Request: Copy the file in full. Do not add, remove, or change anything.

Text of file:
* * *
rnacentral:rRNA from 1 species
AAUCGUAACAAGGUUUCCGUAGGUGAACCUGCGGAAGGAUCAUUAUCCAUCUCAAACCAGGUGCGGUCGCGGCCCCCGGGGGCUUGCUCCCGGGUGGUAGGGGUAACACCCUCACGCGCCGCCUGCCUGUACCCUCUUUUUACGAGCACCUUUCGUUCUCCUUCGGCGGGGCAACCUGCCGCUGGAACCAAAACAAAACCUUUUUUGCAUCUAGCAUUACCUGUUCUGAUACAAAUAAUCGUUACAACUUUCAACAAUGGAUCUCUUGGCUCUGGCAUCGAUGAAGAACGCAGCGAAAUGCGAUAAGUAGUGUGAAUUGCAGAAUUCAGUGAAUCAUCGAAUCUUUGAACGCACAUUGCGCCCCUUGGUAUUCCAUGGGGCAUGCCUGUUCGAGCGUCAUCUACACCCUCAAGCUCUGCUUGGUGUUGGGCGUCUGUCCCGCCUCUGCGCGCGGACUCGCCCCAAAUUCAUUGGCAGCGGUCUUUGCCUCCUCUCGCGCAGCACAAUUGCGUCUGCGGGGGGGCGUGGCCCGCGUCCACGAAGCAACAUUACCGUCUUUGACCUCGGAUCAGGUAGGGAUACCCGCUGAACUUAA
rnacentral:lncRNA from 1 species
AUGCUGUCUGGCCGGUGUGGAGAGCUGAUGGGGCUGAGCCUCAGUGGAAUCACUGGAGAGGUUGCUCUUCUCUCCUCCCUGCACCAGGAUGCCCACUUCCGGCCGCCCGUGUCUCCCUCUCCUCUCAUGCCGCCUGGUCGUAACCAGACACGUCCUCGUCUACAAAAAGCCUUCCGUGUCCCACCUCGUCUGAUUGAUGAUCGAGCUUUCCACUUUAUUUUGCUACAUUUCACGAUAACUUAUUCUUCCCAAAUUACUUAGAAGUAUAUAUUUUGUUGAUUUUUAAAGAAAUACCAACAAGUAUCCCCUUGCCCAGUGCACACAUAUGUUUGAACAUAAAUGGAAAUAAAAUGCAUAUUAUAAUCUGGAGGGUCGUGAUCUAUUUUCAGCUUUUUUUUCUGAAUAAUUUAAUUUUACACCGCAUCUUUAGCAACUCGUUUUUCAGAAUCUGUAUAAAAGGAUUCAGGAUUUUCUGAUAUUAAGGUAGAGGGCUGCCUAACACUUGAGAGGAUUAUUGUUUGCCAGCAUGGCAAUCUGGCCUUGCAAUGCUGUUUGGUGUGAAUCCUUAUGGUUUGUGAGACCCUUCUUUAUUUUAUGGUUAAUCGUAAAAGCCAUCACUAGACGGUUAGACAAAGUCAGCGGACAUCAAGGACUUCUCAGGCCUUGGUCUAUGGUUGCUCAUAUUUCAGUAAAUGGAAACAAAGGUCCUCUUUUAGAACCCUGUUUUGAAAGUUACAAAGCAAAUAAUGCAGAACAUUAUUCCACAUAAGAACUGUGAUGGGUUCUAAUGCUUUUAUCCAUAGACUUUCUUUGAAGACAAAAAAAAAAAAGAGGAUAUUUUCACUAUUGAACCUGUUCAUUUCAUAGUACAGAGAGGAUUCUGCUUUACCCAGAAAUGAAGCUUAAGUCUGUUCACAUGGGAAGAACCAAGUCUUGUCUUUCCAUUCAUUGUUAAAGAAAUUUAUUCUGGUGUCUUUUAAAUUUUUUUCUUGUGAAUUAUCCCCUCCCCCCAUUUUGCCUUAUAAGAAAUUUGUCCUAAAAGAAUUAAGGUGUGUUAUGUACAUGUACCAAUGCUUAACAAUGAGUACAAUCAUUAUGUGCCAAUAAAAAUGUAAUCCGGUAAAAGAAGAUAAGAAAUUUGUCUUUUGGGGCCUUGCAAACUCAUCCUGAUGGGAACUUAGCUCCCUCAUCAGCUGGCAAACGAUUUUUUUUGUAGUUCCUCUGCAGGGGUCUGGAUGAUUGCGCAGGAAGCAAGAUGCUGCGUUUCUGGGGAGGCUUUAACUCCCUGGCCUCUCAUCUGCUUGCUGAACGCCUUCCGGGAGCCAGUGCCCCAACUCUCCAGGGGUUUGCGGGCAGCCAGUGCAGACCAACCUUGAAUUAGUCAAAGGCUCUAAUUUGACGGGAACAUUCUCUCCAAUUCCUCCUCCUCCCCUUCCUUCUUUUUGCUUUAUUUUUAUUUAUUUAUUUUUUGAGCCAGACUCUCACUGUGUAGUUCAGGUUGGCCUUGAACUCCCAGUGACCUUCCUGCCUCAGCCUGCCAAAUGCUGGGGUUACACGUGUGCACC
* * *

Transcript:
rnacentral:rRNA from 1 species
AAUCGUAACAAGGUUUCCGUAGGUGAACCUGCGGAAGGAUCAUUAUCCAUCUCAAACCAGGUGCGGUCGCGGCCCCCGGGGGCUUGCUCCCGGGUGGUAGGGGUAACACCCUCACGCGCCGCCUGCCUGUACCCUCUUUUUACGAGCACCUUUCGUUCUCCUUCGGCGGGGCAACCUGCCGCUGGAACCAAAACAAAACCUUUUUUGCAUCUAGCAUUACCUGUUCUGAUACAAAUAAUCGUUACAACUUUCAACAAUGGAUCUCUUGGCUCUGGCAUCGAUGAAGAACGCAGCGAAAUGCGAUAAGUAGUGUGAAUUGCAGAAUUCAGUGAAUCAUCGAAUCUUUGAACGCACAUUGCGCCCCUUGGUAUUCCAUGGGGCAUGCCUGUUCGAGCGUCAUCUACACCCUCAAGCUCUGCUUGGUGUUGGGCGUCUGUCCCGCCUCUGCGCGCGGACUCGCCCCAAAUUCAUUGGCAGCGGUCUUUGCCUCCUCUCGCGCAGCACAAUUGCGUCUGCGGGGGGGCGUGGCCCGCGUCCACGAAGCAACAUUACCGUCUUUGACCUCGGAUCAGGUAGGGAUACCCGCUGAACUUAA
rnacentral:lncRNA from 1 species
AUGCUGUCUGGCCGGUGUGGAGAGCUGAUGGGGCUGAGCCUCAGUGGAAUCACUGGAGAGGUUGCUCUUCUCUCCUCCCUGCACCAGGAUGCCCACUUCCGGCCGCCCGUGUCUCCCUCUCCUCUCAUGCCGCCUGGUCGUAACCAGACACGUCCUCGUCUACAAAAAGCCUUCCGUGUCCCACCUCGUCUGAUUGAUGAUCGAGCUUUCCACUUUAUUUUGCUACAUUUCACGAUAACUUAUUCUUCCCAAAUUACUUAGAAGUAUAUAUUUUGUUGAUUUUUAAAGAAAUACCAACAAGUAUCCCCUUGCCCAGUGCACACAUAUGUUUGAACAUAAAUGGAAAUAAAAUGCAUAUUAUAAUCUGGAGGGUCGUGAUCUAUUUUCAGCUUUUUUUUCUGAAUAAUUUAAUUUUACACCGCAUCUUUAGCAACUCGUUUUUCAGAAUCUGUAUAAAAGGAUUCAGGAUUUUCUGAUAUUAAGGUAGAGGGCUGCCUAACACUUGAGAGGAUUAUUGUUUGCCAGCAUGGCAAUCUGGCCUUGCAAUGCUGUUUGGUGUGAAUCCUUAUGGUUUGUGAGACCCUUCUUUAUUUUAUGGUUAAUCGUAAAAGCCAUCACUAGACGGUUAGACAAAGUCAGCGGACAUCAAGGACUUCUCAGGCCUUGGUCUAUGGUUGCUCAUAUUUCAGUAAAUGGAAACAAAGGUCCUCUUUUAGAACCCUGUUUUGAAAGUUACAAAGCAAAUAAUGCAGAACAUUAUUCCACAUAAGAACUGUGAUGGGUUCUAAUGCUUUUAUCCAUAGACUUUCUUUGAAGACAAAAAAAAAAAAGAGGAUAUUUUCACUAUUGAACCUGUUCAUUUCAUAGUACAGAGAGGAUUCUGCUUUACCCAGAAAUGAAGCUUAAGUCUGUUCACAUGGGAAGAACCAAGUCUUGUCUUUCCAUUCAUUGUUAAAGAAAUUUAUUCUGGUGUCUUUUAAAUUUUUUUCUUGUGAAUUAUCCCCUCCCCCCAUUUUGCCUUAUAAGAAAUUUGUCCUAAAAGAAUUAAGGUGUGUUAUGUACAUGUACCAAUGCUUAACAAUGAGUACAAUCAUUAUGUGCCAAUAAAAAUGUAAUCCGGUAAAAGAAGAUAAGAAAUUUGUCUUUUGGGGCCUUGCAAACUCAUCCUGAUGGGAACUUAGCUCCCUCAUCAGCUGGCAAACGAUUUUUUUUGUAGUUCCUCUGCAGGGGUCUGGAUGAUUGCGCAGGAAGCAAGAUGCUGCGUUUCUGGGGAGGCUUUAACUCCCUGGCCUCUCAUCUGCUUGCUGAACGCCUUCCGGGAGCCAGUGCCCCAACUCUCCAGGGGUUUGCGGGCAGCCAGUGCAGACCAACCUUGAAUUAGUCAAAGGCUCUAAUUUGACGGGAACAUUCUCUCCAAUUCCUCCUCCUCCCCUUCCUUCUUUUUGCUUUAUUUUUAUUUAUUUAUUUUUUGAGCCAGACUCUCACUGUGUAGUUCAGGUUGGCCUUGAACUCCCAGUGACCUUCCUGCCUCAGCCUGCCAAAUGCUGGGGUUACACGUGUGCACC